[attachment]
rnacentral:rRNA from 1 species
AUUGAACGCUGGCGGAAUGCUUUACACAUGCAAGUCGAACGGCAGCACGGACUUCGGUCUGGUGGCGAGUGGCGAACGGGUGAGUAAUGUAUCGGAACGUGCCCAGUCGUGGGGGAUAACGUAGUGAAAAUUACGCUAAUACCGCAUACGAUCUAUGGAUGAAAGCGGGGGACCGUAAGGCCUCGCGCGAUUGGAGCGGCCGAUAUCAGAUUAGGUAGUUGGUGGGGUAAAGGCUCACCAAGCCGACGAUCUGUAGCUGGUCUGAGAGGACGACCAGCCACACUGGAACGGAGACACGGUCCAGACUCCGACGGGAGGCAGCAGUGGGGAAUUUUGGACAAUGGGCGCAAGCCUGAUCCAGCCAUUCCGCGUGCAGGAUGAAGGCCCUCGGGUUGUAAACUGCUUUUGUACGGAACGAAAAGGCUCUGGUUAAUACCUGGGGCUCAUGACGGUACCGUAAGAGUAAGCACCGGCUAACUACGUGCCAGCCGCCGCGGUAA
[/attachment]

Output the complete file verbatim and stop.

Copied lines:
rnacentral:rRNA from 1 species
AUUGAACGCUGGCGGAAUGCUUUACACAUGCAAGUCGAACGGCAGCACGGACUUCGGUCUGGUGGCGAGUGGCGAACGGGUGAGUAAUGUAUCGGAACGUGCCCAGUCGUGGGGGAUAACGUAGUGAAAAUUACGCUAAUACCGCAUACGAUCUAUGGAUGAAAGCGGGGGACCGUAAGGCCUCGCGCGAUUGGAGCGGCCGAUAUCAGAUUAGGUAGUUGGUGGGGUAAAGGCUCACCAAGCCGACGAUCUGUAGCUGGUCUGAGAGGACGACCAGCCACACUGGAACGGAGACACGGUCCAGACUCCGACGGGAGGCAGCAGUGGGGAAUUUUGGACAAUGGGCGCAAGCCUGAUCCAGCCAUUCCGCGUGCAGGAUGAAGGCCCUCGGGUUGUAAACUGCUUUUGUACGGAACGAAAAGGCUCUGGUUAAUACCUGGGGCUCAUGACGGUACCGUAAGAGUAAGCACCGGCUAACUACGUGCCAGCCGCCGCGGUAA